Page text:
Take steps to manage your mental health this winter to ensure your wellbeing isn’t adversely affected by the shift in the seasons.
1. Befriend the Cold
Teach yourself to ‘befriend the cold’ by taking regular cold showers or ice baths, advises ‘The Iceman’ Wim Hof in his new book, The Wim Hof Method.
‘Taking an ice bath is an amazing way to show yourself what you are capable of,’ he writes.
For those new to cold water he recommends taking things slowly and focussing on the breath: ‘Take deep breaths through the nose and try to relax. Try letting out a long “Hummmmm” on the exhale.’
2. Jot it Down
When the skies are grey, it gets tough to remember the sunny days. Keeping a gratitude journal is a tried-and-tested means of ‘counting your blessings’: helping you remember things you’re grateful for by regularly writing them down.
Research by psychologist Sonya Lyubomirsky shows that this works best when you just do it once a week, as doing it more can make the experience feel like a chore – ruining the point of the exercise.
3. Get Outside
Take every opportunity to get outside, says professional footballer turned life coach John Borland: “Winter can be a time of darkness for us, and that darkness not only surrounds us physically, but unchecked it can seep internally, into our mental and emotional states.
“So get outside as much as possible in daylight hours. Bathe in the light as often as you can. Getting your daily dose of light will help to keep the internal darkness at bay.”
4. Go With the Flow
Learn to be adaptable. Relax and allow yourself to go with the flow when things get difficult.
“In the current climate, where there are so many changes and where we can apparently change direction overnight, it’s important to be agile and adaptable in the way we cope,” says wellbeing expert Andy Freeman.
“You may want to put a hold on ‘what-if’ thinking and spend a bit more time in the now.”
5. Let There Be Light
Even if we are able to get outside a bit, many of us suffer from a lack of sunlight during the winter months, sometimes leading to an affliction known as ‘seasonal affective disorder’ (SAD) which impacts our bodies and minds.
A raft of studies have demonstrated that ‘bright-light therapy’ is helpful in treating SAD, with options ranging from visors and lamps, to alarm clocks that wake you up with a gradual increase of natural light instead of an annoying buzzer.
6. Be a Regular Riser
Quality sleep is important, and sleep physiologist Stephanie Romiszewski says the key is to have a fixed ‘wake time’.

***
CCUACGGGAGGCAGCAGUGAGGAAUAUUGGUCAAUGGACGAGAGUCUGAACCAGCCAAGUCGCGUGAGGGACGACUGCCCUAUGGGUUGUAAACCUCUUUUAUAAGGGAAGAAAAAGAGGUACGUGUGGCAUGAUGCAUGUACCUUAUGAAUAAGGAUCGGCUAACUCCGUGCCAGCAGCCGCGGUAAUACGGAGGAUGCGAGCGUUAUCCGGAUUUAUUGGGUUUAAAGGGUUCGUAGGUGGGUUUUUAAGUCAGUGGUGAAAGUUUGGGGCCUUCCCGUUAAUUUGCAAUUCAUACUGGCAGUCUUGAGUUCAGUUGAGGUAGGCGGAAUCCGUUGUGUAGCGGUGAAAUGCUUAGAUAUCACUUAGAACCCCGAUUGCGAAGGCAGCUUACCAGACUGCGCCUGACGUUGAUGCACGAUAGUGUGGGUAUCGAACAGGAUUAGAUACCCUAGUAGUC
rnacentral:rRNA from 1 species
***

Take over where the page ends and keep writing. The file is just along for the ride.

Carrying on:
“A fixed bedtime is less important,” she says, “you should be going to bed when sleepy and not before – listen to your body, don’t dictate to it.
“While a third of your day should be your sleep opportunity, it doesn’t mean eight hours perfect sleep each night. Leave the tracker watch at the bedroom door – you will sleep better!”
7. Stay Connected
Dr Alastair Jones, an endurance cyclist and leadership consultant, says that staying connected to positive people is vital, particularly in tough times.
“One thing I found when I was recovering from a medical event,” he says, “was that the strength of my connections made a huge impact on my positive outlook.
“The people around me sustained and encouraged me. Someone once said ‘the future belongs to the networkers’ – I think the present does, too!”
8. Develop Self-Compassion
Humans are hardwired to try to preserve social status by ensuring others think they are strong. Learning to consciously practise self-compassion instead of worrying about what others think has been shown to have direct mental health benefits.
Studies show that repeating the ‘Metta meditation’ (a yoga practice) regularly can help:
“May I dwell in safety, may I be happy and healthy, may I be free from afflictions, may I be at peace.”
9. Don’t Stress About Screens
Unless you find spending time on social media is actively upsetting you, don’t worry too much about the amount of time you’re using electronic screens.
An eight-year study published in 2020 in the journal Computers in Human Behavior showed that, contrary to popular belief, time spent on social media doesn’t necessarily have a negative impact on mental health.
So if you find it helpful to keep up with friends online, don’t feel bad about liking and sharing.
10. Take Out the Trash
Comfort eating is particularly tempting when the days are short and the nights are dark, but keeping your diet free of starchy carbs and trans fats will help you keep your mind, as well as your waistline, in check.
Research published in the British Medical Journal recently confirmed that ‘high consumption of fruits, vegetables, nuts, and legumes; moderate consumption of poultry, eggs, and dairy products; and only occasional consumption of red meat is associated with a reduced risk of depression.”